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Lethbridge Herald Newspaper Archives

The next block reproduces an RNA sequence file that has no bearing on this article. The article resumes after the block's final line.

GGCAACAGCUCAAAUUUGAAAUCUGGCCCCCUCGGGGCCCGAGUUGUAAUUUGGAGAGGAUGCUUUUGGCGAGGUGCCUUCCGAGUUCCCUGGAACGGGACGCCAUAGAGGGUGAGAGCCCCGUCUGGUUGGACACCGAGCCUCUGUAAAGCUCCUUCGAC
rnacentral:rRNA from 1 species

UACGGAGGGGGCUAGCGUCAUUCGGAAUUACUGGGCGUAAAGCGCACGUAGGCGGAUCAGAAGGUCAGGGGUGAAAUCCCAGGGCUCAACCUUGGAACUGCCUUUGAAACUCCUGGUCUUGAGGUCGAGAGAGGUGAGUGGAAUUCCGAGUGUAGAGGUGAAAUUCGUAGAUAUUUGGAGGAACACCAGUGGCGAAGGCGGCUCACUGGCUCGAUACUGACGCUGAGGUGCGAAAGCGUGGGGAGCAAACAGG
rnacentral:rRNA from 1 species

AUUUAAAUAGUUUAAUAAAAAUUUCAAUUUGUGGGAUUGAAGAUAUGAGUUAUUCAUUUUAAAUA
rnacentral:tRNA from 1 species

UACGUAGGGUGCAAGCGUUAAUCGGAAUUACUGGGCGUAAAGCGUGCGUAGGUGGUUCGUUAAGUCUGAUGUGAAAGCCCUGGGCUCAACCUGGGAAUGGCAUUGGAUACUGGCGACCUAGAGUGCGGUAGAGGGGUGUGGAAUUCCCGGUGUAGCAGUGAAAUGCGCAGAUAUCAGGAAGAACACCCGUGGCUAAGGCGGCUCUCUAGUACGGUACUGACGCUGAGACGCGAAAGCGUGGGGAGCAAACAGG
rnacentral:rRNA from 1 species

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Lethbridge Herald, The (Newspaper) - August 4, 1920, Lethbridge, Alberta VOLUMK XIII. LETHBB1DGE, ALBERTA, AUGUST 4, 1920 NUMBER BOLSHEVIK DRIVE GAINS FORjEE; WARSAW MUST BE EVACOATED Last Hope of Poles Gone When Soviets Force River Government May Be Moved to Russians Delay Amislice President Hanna Intimates As Much At .Winnipeg After Tour of West AMALGAMATION FOK THE TIME BEING WINNIPEG, Aug. he expected. A.''E. Warren, present general manager of the Canadian National western lines, would be placed In" charge of.the coordin- ated Canadian National railway and Grand Trunk Pacific railway systems In western Canada, was the announcement made yesterday by D. B. Hanna, president of the Canadian National railway, on his return from the west. Speaking on the plan for amal- gamation of the Canadian Nation- al and the' Grand Trunk Pacific, Mr. Hanna said that for the time being will be limited to the co-ordination of operation with a view.V) economizing where possibtq. LONDON, Aug. British government is Irritated oysr what it believes ts soviet Russia's equiv- ocation over the British sugges- tion that the Russians halt at the armistice line of demarcation In Poland and begin peace tyfMUa- tlons. It has, dispatched note to the soviet government de- manding a "yes" as to whether that tends to listen to the SIX YEARS SINCE WAR DECLARED Wheat Does Tumble and Come-Back CHICAGO, Aug. gen- eral selling: brought about a.sen- sational smash In wheat prices to- day. The'mark'et to'13 conts lower with December 2.1S to 2.21. Most bf.the selling was said .toj.come from country holders an- xious.to turn their wheat into cash.' In a-few minutes, however, the rnarket'rebounded as much as 1'1 cents tn some cases. For tho 'first time since trading in futures was resumed, the pit was fill- ed with traders. Husiness was on a big scale.' The rush to sell was appar- I entiy based largely on unfavorable fln- jan'cial reports, especially'from the I Bouthwest. There has been a severe fresh break sterling and, con- trary to expectations, the British Koyal j t'ommisslou was still absent from tho export market. F.rench and British experts: at Warsaw telegraphed. kALUst night stal- ing that .WaffiWiimust.be evac- uated within three days. The Polish expeftstreport that the Polish army Which was Warsaw's last-linenof" defense, retreated so precipitate- ly that they did not destroy the bridges behind them. Didn't Destroy Bridges PARIS, Aug. wilt have to be evacuated within two or three days. In the oyiiilon of the French anil British military experts there, and the government" is expected to be moved within that period, probably to Cracow. The report of the members of the military telegraphed here last declared'tbat the Polish army along tho river Bug hail retreat- ed BO precipitately that it did not even destroy the: bridges behind it. This river was Warsaw's last line of defense. A special Russian cavalry corps, the military men reported, was driv- -ing southwest along the border of the AHenstein district; and had yesterday reached a point thirty-miles from Mlawa, thirty-one miles northwest of Warsaw- cm.the only direct railroad to Danzig from the Polish capital. These cavalrymen- were Bald to be M3k River Farmer Killed en Monday: ago tonight Leth- bridge was in au uproar. was at midnight; 6n AugusM, 1914. that Great J'Htalu declsr- ed on Ourmanj As a re- suit of the conflagration then started there'.are wars still raging moat import- ant being lhat between Soviet Russia and Poland f. headed through Dlawa inlo tho Polish riirrldor to the Baltic, nearby, and thence into Pomerania. Poles Demoralized The experts reporled that the Pol- ish forces were demoralized on the whole northern and central fronts and were falling back. The military jneu said they had virtually abandoned hope of the Voles making a stand iiorf. Soviets Delay Armistice j The Polish armistice. delegates turned to Warsaw Tuesday night, and] the Polish gove'ru'ment has litUe'bopoi of the speedy arranging of an armls- :lcc. The'members of the allied.mis- sion are convinced that the soviel'gOT- ernment 'does nol intend to negotiate armistice, they reporled, and de- clared their belief that the Russians had set the next meeting ot the nego- tiators for today at Minsk, knov.'i-s] that it'would be impossible for the Poles to arrive at tbat time, making preteit for further delay. The Polish government, it Is learn; ed, Is undecided us to wlfether it wilf send emissaries to Mliisk. The experts said Ihelr g cerri was Ihe imminent Warsaw's direct i Danzig, upon which Poli ent for military supplies. Lord D'Ahernon, the British ambas- sador to Germany, a member of the Hritish mission to Pqland, has return- ed to Warsaw Danzig. i rpniV Britain Anxious lo a "made public in Nev, LONDON. Aug. cf York CltT D. on armistice negotiations between 09 Jie vigorously de "Mr Hughes "Demonstrations in the United Premier Hughes Answers Mannix Australian Prime Says Archbishop Has Stirred Up Bigolry IB That Country MELBOURNE, -Australia, Aug. A.' of Australia, speaking here, -attacked Archbishop Darnel J. Mannii, who fa now on his way'from Ihe tjnitert States to the British. been noti- fied he would" bt'barred from Ireland Weekly Half Holiday is Quite The Thing With Ont. Farmers TORONTO, Aug. accession of the United Farmers of Ontario government to power apparently foreshadowed a -new era of prosperity and leisure to the farmer in Ontario. If certain definite predictions can be accepted as a criterion, the farmer and the businessman will In the future, as far as privileges are concerned, be ditterent In name only. The weekly half holiday acknowledged by city firms as a prime necessity, but which till lately was frowned upon by followers of the pastoral pursuits, Is now becoming recognized as "not a necessary but a practical health requirement. Investigations recently matie In various centers of Ontario bear out the fact that the farmer Is taking his half holiday reg- ularly.. No fixed dale has beep. but Wednesday and Saturday generally find the "agricultural folk enjoying themselves at picnics and elsewhere to the best advantage. Most of them have their ball teams and not a few have their lacrosse and soccer teams also. With these attractions and the regular United Farmers of Ontario meetings It is not difficult to account for their change of heart. jThaf. is What Canadian Roads Arc Asking According to Manufacturers HAVE TRAIN HOLDUP BANDITS MADE ESCAPE ACROSS THE BORDER? Thirty-Six ;Hour Chase by Po- lice Posses IJas Been Fruitless POLICE SECURE GOOD DESCRIPTION FROM PALS und and soviet Russia is viewed here, as creating a difficult and anxious sit-! uation which is likely to involve (norubiB to Man abandonment ot the proposed confer- 1 nii sald Mr were care ence here between representatives of slige-managed in a manner simi the allies, Poland, the Russian Bolshe- la' )0 (hat purBUen arranged vik and the Russian border states for jn and the people who ac- the settlement of tho Polish hlln Sinn pcimiI.Bi i possiblj leaveneil with the Bolshevik, London newspapers, take widely fanatics. Archbishou vergent volws regarding the Bolshe- Uiaunbc does-not 'represent 'Australia vik attitude in demandini! nesotiations or Irish; .or any other ciueslion, for peace coincident with the arrange- aild 1S ,hc aoknovviedged Sinn Fein meut of an armistice. Some declare !n country" the action ot the soviet government is. perfectly -reasoTiobte, iS .'New York is a Fine Place For a Murder; 52 Since January 1 NEW .YORK, Aug, murders have been committed in New York City iturlng the seven mo.nths sincft January 1. setting a homicide record unparalleled In many previous years, it was stat- ed at the district attorney's of- fice. In-the six convictions returned in these cases, none has been for murder in the first degree. In sixteen of tho 52 murders no ar- rests have teen made. Mr. Merton Was Unhitching Team, Colt Became Unman- ageable, Wagon Passed Over Him ,le Australia cop, while others indignantly denounce: it Australia was freer from see- as evidence ot a determination to al- j bitterness than aifj country in low the Bolshevik armies to reach lue world. Spurred by boundless per- Warsaw and tliere diclate terms cquiv- sonal ambitioll hatred for Great alent lo a complete surrender of tneii3j.itainj Archbishop Mannii has fanned (From Our Own Correspondent) MILK RIVER, Aug. Merton, a farmer living about'flve miles east of the town, mst with a fatal accident on 'night. While, unhitching his horses, one them, being a colt, became frightened, Mr. Merton down, and the wagon passed over him, killing him instantly. Mr. Merton came from England and has resided here for several years. He leaves a widow and several children, Who have the sympathy of the surrounding com- munity. Poles and the enforcement upon them of a soviet form of government. In the latter quarters it is said one the dying embers of'religious bigotry into a fierce blaze, gathering around him even' fanatic alien and Sinn Fein- ot the soviet armistice conditions ju the country. He .worked inces- Ihat Ihe Poles must disarm, giving BanUy dnrin6 tho war to prevent re- guarantees they would not receive military aid from the allies and under- ake not to renew.aggression against Russia. Many Leaving Warsaw WARSAW, Aug. trains for Vienna, Poseu and Danzig are crowded and seat reservations are Eire Chiefs Hold Annual Convention at St. Thomas JAPS INCREASE KOREA GARRISON TOKIO, Aug. will in- crease her garrison forces In Korea by 4SOO men, owing 16 the unsettled conditions, it was, announced hero to i tlay. '____________ '.BRITISH MERCHANT TONNAGE NEARLY BACK TO PRE-WAR STANDARD LONDON; Aug. a loss of nearly Ions of merchant shipping during the war, CJreat Brit- ain's commercial tonnage is now about 20.500.000, almost ctfual to the pre-war tonnage, of Of the present merchant fleet tons are former German ships. A number of new shipping companies, both largo and small, have been registered In the last few months. ST. THOMAS, Ont., Aug. 4.- conveutlon of the Dominion -Tho Fire Chiefs, which began here yesterday, was addressed by Mayor Drinkmon and President 'V.' Horlon of Ino local ioard-of (ratio- and. their welcoming (Continued on Page TABER CROPS ARE BEGINNING TO TURN crultlng and helped-the enemy, work- ing great harm to Australia." Referring to taxes include luxury, sales, and manufacturers' tax, and while it Is Impossible to. give exact figures on the actual amount of luxury tax, it Is safe to say that already several millions have been added to the country's income as a re- sult of Sir Henry prayton's 1920 budget, Collections from all sources of the inland revenue branchy for July amounted to as compared with lor the corresponding month last year, or an Increase of which is'more than 100 per, cent. In- crease. On tht cxeiso side Ihe .amount collected last month totalled as compared for the same month last year. is another abnormal which reflects the year's legislation, i effect tht At ;